The trial was carried out by the Aircraft Maintenance and Flight Trials Unit, and the Navy Unmanned Aviation Systems Unit teams.
Conducted over several days, the trial tested weapons and engineering systems, including flight operations to test the operability of the ScanEagle system from the frigate.
The trials also involved electronic interference detection, deck operations and validation of the ship’s operating limits.
During the flight operations, the ScanEagle was launched and carried out multiple approaches to the ship in extreme and rough wind conditions off the east coast to validate a safe flight envelope for the aircraft.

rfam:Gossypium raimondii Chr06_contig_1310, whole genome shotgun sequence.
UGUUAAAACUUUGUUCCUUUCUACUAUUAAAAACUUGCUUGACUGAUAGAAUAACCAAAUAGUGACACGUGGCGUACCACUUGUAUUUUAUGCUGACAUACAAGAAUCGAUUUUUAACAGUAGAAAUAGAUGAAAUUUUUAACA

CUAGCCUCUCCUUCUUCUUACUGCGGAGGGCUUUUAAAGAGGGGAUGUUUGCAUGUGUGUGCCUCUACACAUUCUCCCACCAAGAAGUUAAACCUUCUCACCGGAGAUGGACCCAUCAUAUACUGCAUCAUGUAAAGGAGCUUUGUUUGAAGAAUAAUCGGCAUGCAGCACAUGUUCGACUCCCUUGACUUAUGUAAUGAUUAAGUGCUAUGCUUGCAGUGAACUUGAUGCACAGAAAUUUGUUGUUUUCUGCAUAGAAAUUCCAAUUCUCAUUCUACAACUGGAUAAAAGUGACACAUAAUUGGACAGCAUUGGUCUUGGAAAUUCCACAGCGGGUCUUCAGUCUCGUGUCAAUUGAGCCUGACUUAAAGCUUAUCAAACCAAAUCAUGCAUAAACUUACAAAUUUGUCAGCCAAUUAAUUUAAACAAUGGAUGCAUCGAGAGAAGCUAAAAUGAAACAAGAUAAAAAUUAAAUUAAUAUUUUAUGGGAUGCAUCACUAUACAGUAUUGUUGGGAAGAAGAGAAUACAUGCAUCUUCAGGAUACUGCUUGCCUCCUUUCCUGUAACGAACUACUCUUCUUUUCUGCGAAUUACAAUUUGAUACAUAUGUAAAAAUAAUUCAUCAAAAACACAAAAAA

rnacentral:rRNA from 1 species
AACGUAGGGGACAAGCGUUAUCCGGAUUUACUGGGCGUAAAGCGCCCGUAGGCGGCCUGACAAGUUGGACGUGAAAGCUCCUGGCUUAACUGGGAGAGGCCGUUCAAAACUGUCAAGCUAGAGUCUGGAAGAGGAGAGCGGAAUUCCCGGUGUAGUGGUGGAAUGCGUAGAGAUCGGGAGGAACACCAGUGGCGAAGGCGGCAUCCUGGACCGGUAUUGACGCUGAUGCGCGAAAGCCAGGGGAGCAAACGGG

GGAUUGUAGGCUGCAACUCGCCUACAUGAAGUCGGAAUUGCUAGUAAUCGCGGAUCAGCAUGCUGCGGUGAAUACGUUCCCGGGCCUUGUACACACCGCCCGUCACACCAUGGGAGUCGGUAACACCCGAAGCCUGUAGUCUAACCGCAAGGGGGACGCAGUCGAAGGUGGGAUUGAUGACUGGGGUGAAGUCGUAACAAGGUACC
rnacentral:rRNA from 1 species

The 1.5m-long ScanEagle system is a medium-range, endurance unmanned air vehicle, which can operate day and night in a range of meteorological conditions, with an endurance of more than 20 hours. It can fly at a speed of 70k and is powered by a 1.9 horse power engine, using either heavy fuel or petrol.
It is equipped to carry a variety of payloads, namely cameras, sensors, and measuring equipment to assist the controlling ship in building a recognised maritime picture.
HMAS Newcastle has recently completed an extensive maintenance period and is conducting sea qualification trials to assess its weapons and engineering systems.
Image: Participating units conduct flight operations of ScanEagle system from HMAS Newcastle. Photo: courtesy of Royal Australian Navy.